Product ops identify inefficiencies in the product development process and introduce automation and unified solutions to collate user feedback automatically, track tasks, share documentation, and reduce time lost to switching between platforms.
Data analysis and feedback collection
The product ops team sometimes takes it a step further and monitors user interactions to gather insights and guide product improvements. They often use automated alerts that will notify the product manager of any drop in KPIs.
Product ops will often use a product analytics platform to track the adoption rate of a new feature and share a report or insights with the product manager. They may also prioritize enhancements with the PM.
Some product ops teams run A/B tests on a new onboarding process, collect data on user drop-off rates, and then share the findings with the design team for improvements.
Collaboratively with the engineering manager, product ops ensure that all human and technical resources are properly distributed. For example, product ops might raise the need to assign a temporary developer during a crunch phase to meet a critical product delivery deadline. Or, they might notice a feature requiring expertise in a specific technology and temporarily bring in a specialist developer from another team to assist the core team.
Another core responsibility of product ops is keeping all relevant stakeholders, especially leadership, updated about product progress and challenges. This can be through weekly syncs or emails.
Stakeholder management activities within the purview of product ops may include:
- Providing monthly updates to company leaders about product milestones and potential roadblocks
- Hosting quarterly reviews with company leaders, highlighting product advancements and setbacks, and eliciting executive feedback for course corrections
Training and onboarding
Product ops is responsible for ensuring that all team members are familiar with tools, methodologies, product development processes, and best practices used in the company. For example, they might organize a sync meeting to introduce new engineers and PMs to the company’s project management software and the product process they follow. The role may also involve crafting detailed onboarding documentation and interactive training modules to enable new hires to contribute faster.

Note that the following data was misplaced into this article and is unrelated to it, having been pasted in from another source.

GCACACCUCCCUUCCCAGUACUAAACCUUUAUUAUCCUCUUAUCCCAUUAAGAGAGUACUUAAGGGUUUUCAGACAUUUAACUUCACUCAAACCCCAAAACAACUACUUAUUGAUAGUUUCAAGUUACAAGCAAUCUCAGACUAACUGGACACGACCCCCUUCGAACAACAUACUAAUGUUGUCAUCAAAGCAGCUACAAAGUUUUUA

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Troubleshooting and issue resolution
The product ops team serves as the liaising link between the CX team and the developers. They work with CX to collect the issues and bugs reported by the users and raise and prioritize them with developers.
For example, when users report a recurring bug in a new feature, product ops might coordinate a rapid response between the customer support and development teams. They may also, in collaboration with the CX team, set up 24/7 chatbot support for initial troubleshooting and alerting the relevant team if a significant issue arises, ensuring minimal downtime.
User adoption and change management
Product ops will leverage various techniques to help users adjust to and adopt new product features or changes smoothly. These activities may include:
- Creating tutorial videos for users after a significant update to the product’s interface
- When a significant UI change is rolled out, hosting webinars to walk users through the changes and address concerns in real time
- Writing the FAQs page of the feature
9 pitfalls of poor product ops
Product ops as a concept encompasses activities that are designed to facilitate collaboration between all stakeholders of the product. Whether you have a dedicated team or these activities fall to the product and engineering managers, insufficient product ops can lead to substantial business losses.
Here are nine common issues that result from lousy product operations: